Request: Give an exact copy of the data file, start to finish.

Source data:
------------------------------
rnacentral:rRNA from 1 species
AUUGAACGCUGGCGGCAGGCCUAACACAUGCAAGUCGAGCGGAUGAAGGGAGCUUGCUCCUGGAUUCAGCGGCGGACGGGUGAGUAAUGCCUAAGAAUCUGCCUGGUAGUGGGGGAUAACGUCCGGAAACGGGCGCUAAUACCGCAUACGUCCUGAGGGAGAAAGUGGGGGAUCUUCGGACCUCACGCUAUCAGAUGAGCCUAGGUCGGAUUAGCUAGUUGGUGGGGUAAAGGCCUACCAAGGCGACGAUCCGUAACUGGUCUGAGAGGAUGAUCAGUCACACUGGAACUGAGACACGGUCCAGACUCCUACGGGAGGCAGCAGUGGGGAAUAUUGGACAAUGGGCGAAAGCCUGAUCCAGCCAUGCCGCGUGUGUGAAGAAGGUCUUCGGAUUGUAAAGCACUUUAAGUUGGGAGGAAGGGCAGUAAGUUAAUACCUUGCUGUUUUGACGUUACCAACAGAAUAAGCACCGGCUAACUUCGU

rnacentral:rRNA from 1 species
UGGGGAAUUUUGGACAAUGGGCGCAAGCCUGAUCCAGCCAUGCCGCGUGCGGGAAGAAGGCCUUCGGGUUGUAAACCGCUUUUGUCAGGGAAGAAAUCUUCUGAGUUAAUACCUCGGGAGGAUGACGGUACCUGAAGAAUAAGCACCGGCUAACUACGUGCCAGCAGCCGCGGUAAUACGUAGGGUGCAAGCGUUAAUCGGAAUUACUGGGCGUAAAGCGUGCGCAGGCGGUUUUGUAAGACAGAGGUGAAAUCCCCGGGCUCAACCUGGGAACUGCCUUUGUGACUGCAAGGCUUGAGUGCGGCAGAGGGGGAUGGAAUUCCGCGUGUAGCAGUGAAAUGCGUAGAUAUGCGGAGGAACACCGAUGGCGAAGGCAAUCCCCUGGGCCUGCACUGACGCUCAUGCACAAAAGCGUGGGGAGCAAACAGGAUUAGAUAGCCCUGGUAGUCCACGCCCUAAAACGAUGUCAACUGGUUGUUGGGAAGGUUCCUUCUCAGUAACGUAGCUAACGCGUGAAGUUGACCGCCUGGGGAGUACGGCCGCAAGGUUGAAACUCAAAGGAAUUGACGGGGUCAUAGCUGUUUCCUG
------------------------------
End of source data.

rnacentral:rRNA from 1 species
AUUGAACGCUGGCGGCAGGCCUAACACAUGCAAGUCGAGCGGAUGAAGGGAGCUUGCUCCUGGAUUCAGCGGCGGACGGGUGAGUAAUGCCUAAGAAUCUGCCUGGUAGUGGGGGAUAACGUCCGGAAACGGGCGCUAAUACCGCAUACGUCCUGAGGGAGAAAGUGGGGGAUCUUCGGACCUCACGCUAUCAGAUGAGCCUAGGUCGGAUUAGCUAGUUGGUGGGGUAAAGGCCUACCAAGGCGACGAUCCGUAACUGGUCUGAGAGGAUGAUCAGUCACACUGGAACUGAGACACGGUCCAGACUCCUACGGGAGGCAGCAGUGGGGAAUAUUGGACAAUGGGCGAAAGCCUGAUCCAGCCAUGCCGCGUGUGUGAAGAAGGUCUUCGGAUUGUAAAGCACUUUAAGUUGGGAGGAAGGGCAGUAAGUUAAUACCUUGCUGUUUUGACGUUACCAACAGAAUAAGCACCGGCUAACUUCGU

rnacentral:rRNA from 1 species
UGGGGAAUUUUGGACAAUGGGCGCAAGCCUGAUCCAGCCAUGCCGCGUGCGGGAAGAAGGCCUUCGGGUUGUAAACCGCUUUUGUCAGGGAAGAAAUCUUCUGAGUUAAUACCUCGGGAGGAUGACGGUACCUGAAGAAUAAGCACCGGCUAACUACGUGCCAGCAGCCGCGGUAAUACGUAGGGUGCAAGCGUUAAUCGGAAUUACUGGGCGUAAAGCGUGCGCAGGCGGUUUUGUAAGACAGAGGUGAAAUCCCCGGGCUCAACCUGGGAACUGCCUUUGUGACUGCAAGGCUUGAGUGCGGCAGAGGGGGAUGGAAUUCCGCGUGUAGCAGUGAAAUGCGUAGAUAUGCGGAGGAACACCGAUGGCGAAGGCAAUCCCCUGGGCCUGCACUGACGCUCAUGCACAAAAGCGUGGGGAGCAAACAGGAUUAGAUAGCCCUGGUAGUCCACGCCCUAAAACGAUGUCAACUGGUUGUUGGGAAGGUUCCUUCUCAGUAACGUAGCUAACGCGUGAAGUUGACCGCCUGGGGAGUACGGCCGCAAGGUUGAAACUCAAAGGAAUUGACGGGGUCAUAGCUGUUUCCUG